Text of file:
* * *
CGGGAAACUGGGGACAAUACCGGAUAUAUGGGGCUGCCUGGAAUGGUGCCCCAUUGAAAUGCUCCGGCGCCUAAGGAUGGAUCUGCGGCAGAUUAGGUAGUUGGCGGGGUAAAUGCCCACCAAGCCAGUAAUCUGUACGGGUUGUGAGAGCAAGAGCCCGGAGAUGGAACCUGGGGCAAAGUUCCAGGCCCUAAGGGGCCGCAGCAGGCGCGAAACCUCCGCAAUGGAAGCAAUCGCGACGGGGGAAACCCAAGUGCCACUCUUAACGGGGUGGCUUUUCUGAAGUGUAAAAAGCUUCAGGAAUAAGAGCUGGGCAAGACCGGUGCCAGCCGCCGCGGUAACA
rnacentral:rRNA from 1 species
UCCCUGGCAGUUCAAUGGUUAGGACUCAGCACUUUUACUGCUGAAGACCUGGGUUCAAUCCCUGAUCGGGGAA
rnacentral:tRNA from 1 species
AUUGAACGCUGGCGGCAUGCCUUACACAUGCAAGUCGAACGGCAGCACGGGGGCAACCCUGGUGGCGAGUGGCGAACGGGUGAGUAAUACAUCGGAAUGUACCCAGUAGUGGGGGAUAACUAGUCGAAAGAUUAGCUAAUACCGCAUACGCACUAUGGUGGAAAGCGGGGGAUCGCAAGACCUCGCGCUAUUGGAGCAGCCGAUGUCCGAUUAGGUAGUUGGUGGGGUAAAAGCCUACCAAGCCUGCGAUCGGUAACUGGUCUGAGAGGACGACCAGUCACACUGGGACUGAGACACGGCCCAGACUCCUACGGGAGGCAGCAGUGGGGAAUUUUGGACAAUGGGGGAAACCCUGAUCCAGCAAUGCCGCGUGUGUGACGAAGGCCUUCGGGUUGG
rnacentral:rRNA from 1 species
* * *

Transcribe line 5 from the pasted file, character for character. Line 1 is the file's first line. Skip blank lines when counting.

AUUGAACGCUGGCGGCAUGCCUUACACAUGCAAGUCGAACGGCAGCACGGGGGCAACCCUGGUGGCGAGUGGCGAACGGGUGAGUAAUACAUCGGAAUGUACCCAGUAGUGGGGGAUAACUAGUCGAAAGAUUAGCUAAUACCGCAUACGCACUAUGGUGGAAAGCGGGGGAUCGCAAGACCUCGCGCUAUUGGAGCAGCCGAUGUCCGAUUAGGUAGUUGGUGGGGUAAAAGCCUACCAAGCCUGCGAUCGGUAACUGGUCUGAGAGGACGACCAGUCACACUGGGACUGAGACACGGCCCAGACUCCUACGGGAGGCAGCAGUGGGGAAUUUUGGACAAUGGGGGAAACCCUGAUCCAGCAAUGCCGCGUGUGUGACGAAGGCCUUCGGGUUGG